1: With many thanks to Dr. Rafe de Crepigny for this knowledge.
Cao Cao, for example, was granted a hufu covering the first through fifth grades (第一至第五) presumably granting him clearance at a greater level than those possessing hufu at a lower grade. Also demonstrating that fu come in different forms, Cao Cao was also granted a bamboo tally (竹使符 literally ‘bamboo to use as a tally’) at first through tenth grades (2).
2: Chen Shou, Sanguozhi: Wei 1.
Guo Dan is described in Sanguozhi (三國志) as using a fu to gain passage through Xiangu Pass (3). Dongguan Han Ji (東觀漢記) goes into more detail, saying Guo Dan didn’t have a fu with him, forcing him to purchase one from a commoner of Wan before he could pass. Clearly the fu is used in this case as a passport.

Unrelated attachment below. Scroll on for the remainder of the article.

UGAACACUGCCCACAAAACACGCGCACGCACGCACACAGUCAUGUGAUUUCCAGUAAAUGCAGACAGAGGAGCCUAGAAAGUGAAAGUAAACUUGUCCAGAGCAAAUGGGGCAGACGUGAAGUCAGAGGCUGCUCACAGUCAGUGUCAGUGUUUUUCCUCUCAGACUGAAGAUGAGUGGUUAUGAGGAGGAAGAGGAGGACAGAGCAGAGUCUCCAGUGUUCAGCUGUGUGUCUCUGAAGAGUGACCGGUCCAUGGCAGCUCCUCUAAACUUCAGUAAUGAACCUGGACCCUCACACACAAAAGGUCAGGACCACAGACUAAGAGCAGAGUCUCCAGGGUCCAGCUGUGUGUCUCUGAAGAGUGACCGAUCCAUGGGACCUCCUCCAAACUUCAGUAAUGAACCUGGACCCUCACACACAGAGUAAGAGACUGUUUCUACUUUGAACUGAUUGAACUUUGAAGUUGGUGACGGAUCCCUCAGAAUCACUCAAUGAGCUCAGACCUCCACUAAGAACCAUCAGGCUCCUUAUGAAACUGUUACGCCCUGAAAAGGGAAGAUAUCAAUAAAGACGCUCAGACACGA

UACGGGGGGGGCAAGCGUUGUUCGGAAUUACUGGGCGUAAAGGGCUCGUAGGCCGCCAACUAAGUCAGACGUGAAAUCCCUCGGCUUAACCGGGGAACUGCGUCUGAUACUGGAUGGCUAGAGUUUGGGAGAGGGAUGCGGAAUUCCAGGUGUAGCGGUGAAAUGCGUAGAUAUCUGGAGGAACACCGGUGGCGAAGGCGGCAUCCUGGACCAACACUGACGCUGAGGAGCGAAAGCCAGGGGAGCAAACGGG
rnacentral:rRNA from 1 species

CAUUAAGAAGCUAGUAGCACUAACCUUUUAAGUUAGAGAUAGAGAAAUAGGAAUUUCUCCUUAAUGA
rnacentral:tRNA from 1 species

Tiger Tallies, or hufu (虎符), were two-piece fu formed in the shape of a tiger. The material from which tiger tallies were created varied through Chinese history and included everything from jade and gold to bronze. According to Hou Han shu tiger tallies made of bronze were used for kings, heads of commanderies, and similar high and comparatively static ranks. They were not common. The Hou Han shu’s explanation applies accurately to the the Han and Three Kingdoms periods and to surrounding periods to a degree. At different points the material from which tiger tallies were created varied, but the fundamental purpose remained the same.
No small amount of confusion exists behind the way in which tiger tally is rendered in Chinese. Hufu (‘tiger mark’ or ‘tiger symbol’), the literal and most obvious rendering, does not appear commonly. Tiger tallies at times may be described simply as fu and at other times, including some later-era historic texts, as fujie (符节) the term most commonly used today, and often in error (see ‘Fujie’). Striving for accuracy, a translator must be careful in rendering this term.